PORTLAND, Ore. (Portland Tribune) — Portland Public Schools revealed more information on how it hopes to close the $12 million hole in its budget for the 2020-21 school year, including cutting about 23 classroom teaching and 13 elementary physical education teaching jobs.
The proposed cuts also would slice $1.4 million out of the budget for vice principals in the schools, in addition to the $2.3 million for classroom teachers and $1.3 million elementary PE teachers.
The proposed cuts also take aim at the central administrative offices, trimming $7 million from those operations.
In a public budget forum Monday night, June 8, administrators disclosed more details on the proposed budget for the district and listened to 14 community members give testimony.
Board member Michelle DePass said that, despite the cuts, “what we have left is a budget that reflects our commitment to racial justice.”
Prior to the economic devastation caused by restrictions designed to tamp down the COVID-19 pandemic, school districts across the state were expecting more abundant funding than they had seen for years, due to new revenue sources and a booming economy.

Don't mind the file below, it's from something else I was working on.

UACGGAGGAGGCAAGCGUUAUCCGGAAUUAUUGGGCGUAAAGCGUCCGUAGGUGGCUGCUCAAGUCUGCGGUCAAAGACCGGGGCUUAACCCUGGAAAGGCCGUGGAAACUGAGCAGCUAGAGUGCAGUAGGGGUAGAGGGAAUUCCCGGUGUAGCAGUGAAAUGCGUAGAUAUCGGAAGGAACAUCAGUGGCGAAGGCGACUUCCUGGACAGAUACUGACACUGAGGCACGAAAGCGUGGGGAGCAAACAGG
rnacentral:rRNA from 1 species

As director Rita Moore said the district and schools were “not able to have the party we all wanted to have.”
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The proposed $7 million in central office cuts include $200,000 from the superintendent’s office, $2.1 million from the business, finance and operations department, $4 million from the instruction and school communities department, $200,000 from legal and risk management and $500,000 from external relations.
The state’s largest school district, with 82 schools, employs about 3,700 teachers, about 2,100 “classified” staff, which includes educational assistants, secretaries and other workers and 175 licensed administrators.
Several board members expressed concern over the proposed cuts to PE teachers and Jenny Withycombe, the district’s program administrator for health and physical education, decried the 17% cut in PE teaching staff in schools.
The district had already cut costs, furloughing staff every Friday from May to the end of July, saving about $10 million to be pushed ahead to the 2020-21 school year to ease the crunch.
PPS also made other cuts including freezing purchases, banning travel and instituting a hiring freeze which should save about $8.9 million for the 2020-21 school year.
The school board will discuss the proposed budget at a virtual meeting on Thursday, June 11, and will adopt it at another virtual meeting Tuesday, June 23.
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